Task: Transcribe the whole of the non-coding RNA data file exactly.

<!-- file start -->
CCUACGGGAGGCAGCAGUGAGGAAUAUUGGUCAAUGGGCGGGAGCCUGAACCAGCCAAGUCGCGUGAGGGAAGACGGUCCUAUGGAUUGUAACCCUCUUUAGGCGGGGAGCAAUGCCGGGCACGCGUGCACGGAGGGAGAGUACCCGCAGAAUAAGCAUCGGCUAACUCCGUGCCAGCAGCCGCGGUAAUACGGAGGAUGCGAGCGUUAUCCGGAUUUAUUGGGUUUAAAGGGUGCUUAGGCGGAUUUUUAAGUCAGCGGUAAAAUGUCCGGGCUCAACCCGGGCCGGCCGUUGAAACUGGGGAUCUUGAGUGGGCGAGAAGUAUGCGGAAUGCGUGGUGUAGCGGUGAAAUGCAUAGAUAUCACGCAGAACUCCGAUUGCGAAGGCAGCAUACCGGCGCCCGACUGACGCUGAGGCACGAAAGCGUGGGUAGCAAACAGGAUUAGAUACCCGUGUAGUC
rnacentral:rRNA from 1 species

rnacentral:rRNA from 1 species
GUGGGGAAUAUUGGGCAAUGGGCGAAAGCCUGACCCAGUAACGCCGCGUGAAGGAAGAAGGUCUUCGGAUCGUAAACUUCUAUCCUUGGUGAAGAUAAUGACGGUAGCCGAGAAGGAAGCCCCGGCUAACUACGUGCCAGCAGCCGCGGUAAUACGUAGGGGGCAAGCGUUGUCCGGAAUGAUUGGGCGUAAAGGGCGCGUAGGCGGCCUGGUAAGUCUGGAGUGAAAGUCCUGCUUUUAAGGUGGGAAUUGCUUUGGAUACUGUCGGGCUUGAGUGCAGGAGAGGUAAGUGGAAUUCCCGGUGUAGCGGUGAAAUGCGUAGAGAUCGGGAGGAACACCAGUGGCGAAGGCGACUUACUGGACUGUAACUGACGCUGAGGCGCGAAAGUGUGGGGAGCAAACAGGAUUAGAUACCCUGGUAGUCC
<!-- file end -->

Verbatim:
CCUACGGGAGGCAGCAGUGAGGAAUAUUGGUCAAUGGGCGGGAGCCUGAACCAGCCAAGUCGCGUGAGGGAAGACGGUCCUAUGGAUUGUAACCCUCUUUAGGCGGGGAGCAAUGCCGGGCACGCGUGCACGGAGGGAGAGUACCCGCAGAAUAAGCAUCGGCUAACUCCGUGCCAGCAGCCGCGGUAAUACGGAGGAUGCGAGCGUUAUCCGGAUUUAUUGGGUUUAAAGGGUGCUUAGGCGGAUUUUUAAGUCAGCGGUAAAAUGUCCGGGCUCAACCCGGGCCGGCCGUUGAAACUGGGGAUCUUGAGUGGGCGAGAAGUAUGCGGAAUGCGUGGUGUAGCGGUGAAAUGCAUAGAUAUCACGCAGAACUCCGAUUGCGAAGGCAGCAUACCGGCGCCCGACUGACGCUGAGGCACGAAAGCGUGGGUAGCAAACAGGAUUAGAUACCCGUGUAGUC
rnacentral:rRNA from 1 species

rnacentral:rRNA from 1 species
GUGGGGAAUAUUGGGCAAUGGGCGAAAGCCUGACCCAGUAACGCCGCGUGAAGGAAGAAGGUCUUCGGAUCGUAAACUUCUAUCCUUGGUGAAGAUAAUGACGGUAGCCGAGAAGGAAGCCCCGGCUAACUACGUGCCAGCAGCCGCGGUAAUACGUAGGGGGCAAGCGUUGUCCGGAAUGAUUGGGCGUAAAGGGCGCGUAGGCGGCCUGGUAAGUCUGGAGUGAAAGUCCUGCUUUUAAGGUGGGAAUUGCUUUGGAUACUGUCGGGCUUGAGUGCAGGAGAGGUAAGUGGAAUUCCCGGUGUAGCGGUGAAAUGCGUAGAGAUCGGGAGGAACACCAGUGGCGAAGGCGACUUACUGGACUGUAACUGACGCUGAGGCGCGAAAGUGUGGGGAGCAAACAGGAUUAGAUACCCUGGUAGUCC